With the bears now firmly in control of every stock market in the world, any sane government thinking of selling off its state-owned airline should be reaching for the telephone to inform its financial advisors to put away the sale prospectus until the bulls are back in control of share prices.

The value of even blue chip airlines like British Airways and Lufthansa has tumbled. Stock market interest in air transport shares is at rock bottom. Only those considering a fire sale or a privatisation for ideological reasons should be venturing into a flotation. The alternative now is to sell off assets which are in some cases worth little more than half the price they could have demanded at the start of the year.

Austrian Airlines has already seen the writing on the wall and called a halt to the first phase of its privatisation until market conditions improve. Others such as Air France and Italy's Alitalia should be giving serious thought to following suit. Unfortunately, a number of airlines are not in the relatively comfortable position of Austrian in being able to shelve the privatisation process until the markets improve.

In Asia, probably more than anywhere else, governments may now have little choice but to press ahead. There, they are looking down the barrel of a gun loaded by the International Monetary Fund which is piling pressure on to governments to sell off their state assets in return for much needed loans. Time is running out for them to wait for the local "bourses" to get enthusiastic about investing in near-worthless airline stock before they sell. Stock prices are at an all-time low and airline shares have been trading at, or below, their actual asset value. The apathy of local Asian financial markets about airline stock should be a sufficient wake-up call to the struggling Asian flag carriers and their proud state owners to the fact that the days of national carriers for every country with world networks are fast drawing to a close. Waiting for local investors to appear as "white knights" is tantamount to a very slow and painful death.

For those airlines with strategic interests, attracting foreign investment from one of the major players in a global alliance may be one of the few viable answers available.

What is certain is that wider economic pressures are making it very difficult to provide funds to continue to bail out inefficient flag carriers. Unless airlines like Indonesia's Garuda, which have neither global alliance partners nor foreign investment prospects, are made more attractive for sale, they will be left on the shelf to wither. Those who miss the global alliance partnership train face a future of shrinking back into nothing more than regional carriers simply because they won't be able to compete with the likes of oneworld or the Star Alliance - a prospect which may well await carriers in other parts of the world, including Europe.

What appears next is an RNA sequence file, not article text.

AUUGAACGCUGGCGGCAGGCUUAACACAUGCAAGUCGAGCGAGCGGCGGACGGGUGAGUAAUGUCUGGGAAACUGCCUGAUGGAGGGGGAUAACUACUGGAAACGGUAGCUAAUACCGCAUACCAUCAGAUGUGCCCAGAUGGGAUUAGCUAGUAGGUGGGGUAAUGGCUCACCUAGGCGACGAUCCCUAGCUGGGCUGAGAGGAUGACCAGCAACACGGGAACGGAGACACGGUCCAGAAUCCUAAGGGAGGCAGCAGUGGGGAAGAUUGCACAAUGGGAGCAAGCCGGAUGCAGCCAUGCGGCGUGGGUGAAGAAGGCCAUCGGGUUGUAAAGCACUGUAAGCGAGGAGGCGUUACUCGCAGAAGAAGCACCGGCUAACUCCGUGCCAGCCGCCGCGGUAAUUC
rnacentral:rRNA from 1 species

The good news for at least some of Asia's airlines, private or state-owned, is that despite their chronic problems there are a number of major international carriers going in search of bargain buys in the region. Some are armed with a war chest of money, the purchasing power of which has been significantly enhanced by the weakness of Asian currencies relative to sterling, dollars and deutschemarks.

Witness the number of carriers beating a path to Bangkok at the prospect of a sell-off of Thai Airways International stock. Waiting in the wings are those with global ambitions such as British Airways and Lufthansa. Singapore International Airlines is also a contender, although its aspirations in this instance are regional rather than global.

The experience of Philippine Airlines holds a lesson for Asia. Having finally broken the unions, the carrier is a much more attractive proposition to foreign buyers and it certainly is in need of a fresh injection of capital. PAL was privatised some five years ago, and its roller coaster performance since then and epic soap opera industrial disputes are a clear warning to investors of the risks they take in investing in airlines.

Sadly, for Asia, sitting out the financial market turmoil until stability returns is just not an option, unlike for the majority of European state-owned airlines which have largely already put their houses in order.

Source: Flight International